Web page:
Adults keeping track of which Scouts need which advancement items is more appropriate in Cub Scouts. (The Scoutmaster Handbook states that the troop scribe does this tracking – not the adults.) By the time a boy joins a troop he should be expected to keep track of his own advancement. He does not know this at first, which is where the troop guide can help explain it to the patrol leader and Scouts of the New-Scout patrol. Once they achieve Tenderfoot, they should have the hang of it and should be able to set goals to achieve the next ranks.

The Scoutmaster is also instrumental in helping the Scout realize this, through formal Scoutmaster conferences and informal chats. Rather than having Scouts turn in their books so the Scoutmaster can track their progress, the Scoutmaster should offer guidance and encouragement through reflection with the Scout, encouraging him to be active in his thoughts rather than passive. (This is done by leading the Scout to his own conclusions through carefully-crafted questions, rather than statements and direction.)

To be sure, there’s nothing wrong with the Scoutmaster being aware that, say, most of the boys in the Rattlesnake patrol haven’t completed their second-class swim test, but it’s not his place to tell them that they should head to the pool next week to be tested. A gentle reminder to the SPL to check in with the Rattlesnakes’ patrol leader would be more appropriate.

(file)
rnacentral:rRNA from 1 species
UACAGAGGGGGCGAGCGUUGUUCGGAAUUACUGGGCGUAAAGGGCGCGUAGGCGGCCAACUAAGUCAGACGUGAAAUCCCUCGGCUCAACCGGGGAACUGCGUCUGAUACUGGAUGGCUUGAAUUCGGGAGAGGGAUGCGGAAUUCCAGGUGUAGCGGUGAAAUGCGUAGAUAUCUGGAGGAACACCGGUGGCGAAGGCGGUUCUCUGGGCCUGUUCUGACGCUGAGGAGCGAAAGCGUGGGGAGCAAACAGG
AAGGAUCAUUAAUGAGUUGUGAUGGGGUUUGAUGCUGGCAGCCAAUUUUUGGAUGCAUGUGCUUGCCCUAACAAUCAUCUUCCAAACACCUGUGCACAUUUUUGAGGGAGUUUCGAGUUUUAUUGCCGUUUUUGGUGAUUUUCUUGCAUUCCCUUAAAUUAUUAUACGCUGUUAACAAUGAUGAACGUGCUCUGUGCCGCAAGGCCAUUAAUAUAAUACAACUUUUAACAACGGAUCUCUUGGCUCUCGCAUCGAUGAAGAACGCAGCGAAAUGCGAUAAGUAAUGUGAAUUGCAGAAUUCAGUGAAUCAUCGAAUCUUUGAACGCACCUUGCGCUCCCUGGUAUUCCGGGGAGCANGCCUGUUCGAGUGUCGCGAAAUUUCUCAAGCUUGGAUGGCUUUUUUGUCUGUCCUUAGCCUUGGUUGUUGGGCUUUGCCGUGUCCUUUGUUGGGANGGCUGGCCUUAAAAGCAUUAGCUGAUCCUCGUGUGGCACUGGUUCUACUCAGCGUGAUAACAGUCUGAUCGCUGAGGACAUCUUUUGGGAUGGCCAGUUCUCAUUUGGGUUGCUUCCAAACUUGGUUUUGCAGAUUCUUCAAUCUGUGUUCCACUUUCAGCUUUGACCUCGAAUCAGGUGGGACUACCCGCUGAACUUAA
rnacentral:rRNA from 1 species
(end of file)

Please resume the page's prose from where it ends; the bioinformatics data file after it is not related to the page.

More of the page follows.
The other aspect of advancement is that it happens as a natural result of Scouting taking place. It’s not a checklist of things to be accomplished in order to receive a patch. In the process of belonging to and doing things with his patrol, a Scout will  complete most of the requirements for advancement. The patrol leader has the responsibility of knowing what the Scouts in his patrol need in order to advance, and should relate that to the patrol leaders’ council when planning troop activities.